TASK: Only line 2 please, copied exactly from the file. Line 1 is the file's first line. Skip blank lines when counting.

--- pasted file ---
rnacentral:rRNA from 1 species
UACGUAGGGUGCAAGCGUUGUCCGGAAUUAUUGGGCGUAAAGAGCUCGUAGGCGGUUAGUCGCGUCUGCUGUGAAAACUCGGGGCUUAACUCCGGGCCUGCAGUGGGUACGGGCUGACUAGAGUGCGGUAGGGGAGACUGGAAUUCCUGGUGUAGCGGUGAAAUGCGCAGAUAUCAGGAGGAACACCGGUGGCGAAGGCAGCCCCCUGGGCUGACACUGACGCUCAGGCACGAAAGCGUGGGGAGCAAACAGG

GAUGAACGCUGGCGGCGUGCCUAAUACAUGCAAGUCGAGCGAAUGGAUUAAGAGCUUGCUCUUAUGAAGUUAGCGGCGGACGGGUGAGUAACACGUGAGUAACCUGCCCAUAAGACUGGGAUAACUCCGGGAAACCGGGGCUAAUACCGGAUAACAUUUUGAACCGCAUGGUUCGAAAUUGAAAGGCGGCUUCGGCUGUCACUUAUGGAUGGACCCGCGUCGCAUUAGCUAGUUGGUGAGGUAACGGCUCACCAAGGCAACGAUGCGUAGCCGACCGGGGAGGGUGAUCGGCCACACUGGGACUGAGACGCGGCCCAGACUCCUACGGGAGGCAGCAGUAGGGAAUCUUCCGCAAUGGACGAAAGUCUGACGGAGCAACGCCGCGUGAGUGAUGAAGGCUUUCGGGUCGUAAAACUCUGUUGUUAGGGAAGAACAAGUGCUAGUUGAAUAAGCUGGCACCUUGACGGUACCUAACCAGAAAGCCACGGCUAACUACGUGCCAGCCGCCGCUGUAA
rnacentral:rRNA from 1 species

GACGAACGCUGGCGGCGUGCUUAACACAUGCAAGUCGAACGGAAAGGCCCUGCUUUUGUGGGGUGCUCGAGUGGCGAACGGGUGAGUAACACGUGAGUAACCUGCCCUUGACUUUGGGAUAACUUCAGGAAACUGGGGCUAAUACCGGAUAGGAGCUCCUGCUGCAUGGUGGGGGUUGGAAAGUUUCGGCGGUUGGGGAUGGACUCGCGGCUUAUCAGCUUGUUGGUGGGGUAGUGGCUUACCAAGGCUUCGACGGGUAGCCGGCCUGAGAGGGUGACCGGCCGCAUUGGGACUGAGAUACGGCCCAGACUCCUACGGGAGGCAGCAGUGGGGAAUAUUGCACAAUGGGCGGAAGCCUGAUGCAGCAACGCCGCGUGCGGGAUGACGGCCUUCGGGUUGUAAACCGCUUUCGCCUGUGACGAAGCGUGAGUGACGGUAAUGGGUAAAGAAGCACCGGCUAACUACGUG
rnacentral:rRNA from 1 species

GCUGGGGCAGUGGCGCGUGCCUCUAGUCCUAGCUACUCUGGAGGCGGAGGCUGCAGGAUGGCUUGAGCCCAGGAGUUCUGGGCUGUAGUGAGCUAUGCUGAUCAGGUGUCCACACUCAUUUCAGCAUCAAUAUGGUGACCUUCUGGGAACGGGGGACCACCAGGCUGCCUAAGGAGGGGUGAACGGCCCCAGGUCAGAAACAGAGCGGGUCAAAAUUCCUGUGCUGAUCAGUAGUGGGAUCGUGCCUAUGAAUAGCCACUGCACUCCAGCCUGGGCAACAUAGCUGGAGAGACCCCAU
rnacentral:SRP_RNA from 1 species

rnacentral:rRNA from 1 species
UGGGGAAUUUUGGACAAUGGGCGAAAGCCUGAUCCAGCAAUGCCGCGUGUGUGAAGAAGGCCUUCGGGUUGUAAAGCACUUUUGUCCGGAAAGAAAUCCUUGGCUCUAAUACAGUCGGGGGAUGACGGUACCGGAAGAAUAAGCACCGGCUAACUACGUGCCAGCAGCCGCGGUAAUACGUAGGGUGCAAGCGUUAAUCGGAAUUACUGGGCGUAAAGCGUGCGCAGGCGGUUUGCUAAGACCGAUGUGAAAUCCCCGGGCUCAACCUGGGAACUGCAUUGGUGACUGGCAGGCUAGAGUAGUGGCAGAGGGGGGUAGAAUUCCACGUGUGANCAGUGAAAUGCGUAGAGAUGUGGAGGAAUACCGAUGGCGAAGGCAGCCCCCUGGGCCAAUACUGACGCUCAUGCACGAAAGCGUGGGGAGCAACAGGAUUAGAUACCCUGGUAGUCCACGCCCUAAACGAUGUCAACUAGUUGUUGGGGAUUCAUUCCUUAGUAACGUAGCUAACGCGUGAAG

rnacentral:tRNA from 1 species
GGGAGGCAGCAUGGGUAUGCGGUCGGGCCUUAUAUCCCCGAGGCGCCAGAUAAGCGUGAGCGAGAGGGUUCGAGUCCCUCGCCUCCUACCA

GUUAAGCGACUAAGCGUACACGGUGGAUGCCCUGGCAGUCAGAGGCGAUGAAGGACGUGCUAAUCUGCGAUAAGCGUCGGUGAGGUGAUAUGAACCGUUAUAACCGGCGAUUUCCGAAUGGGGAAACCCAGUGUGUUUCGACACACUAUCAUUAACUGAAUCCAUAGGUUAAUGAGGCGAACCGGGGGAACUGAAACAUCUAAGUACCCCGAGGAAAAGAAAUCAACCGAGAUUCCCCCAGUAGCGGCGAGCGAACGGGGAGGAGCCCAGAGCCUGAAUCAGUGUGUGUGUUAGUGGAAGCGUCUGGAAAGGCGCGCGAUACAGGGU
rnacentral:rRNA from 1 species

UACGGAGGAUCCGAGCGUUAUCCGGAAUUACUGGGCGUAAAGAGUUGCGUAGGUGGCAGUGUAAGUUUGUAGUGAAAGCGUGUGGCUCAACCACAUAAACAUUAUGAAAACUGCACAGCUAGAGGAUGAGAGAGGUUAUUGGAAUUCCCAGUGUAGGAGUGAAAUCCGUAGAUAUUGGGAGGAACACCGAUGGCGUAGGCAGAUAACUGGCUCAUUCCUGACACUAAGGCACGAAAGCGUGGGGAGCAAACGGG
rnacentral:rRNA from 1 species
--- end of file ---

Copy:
UACGUAGGGUGCAAGCGUUGUCCGGAAUUAUUGGGCGUAAAGAGCUCGUAGGCGGUUAGUCGCGUCUGCUGUGAAAACUCGGGGCUUAACUCCGGGCCUGCAGUGGGUACGGGCUGACUAGAGUGCGGUAGGGGAGACUGGAAUUCCUGGUGUAGCGGUGAAAUGCGCAGAUAUCAGGAGGAACACCGGUGGCGAAGGCAGCCCCCUGGGCUGACACUGACGCUCAGGCACGAAAGCGUGGGGAGCAAACAGG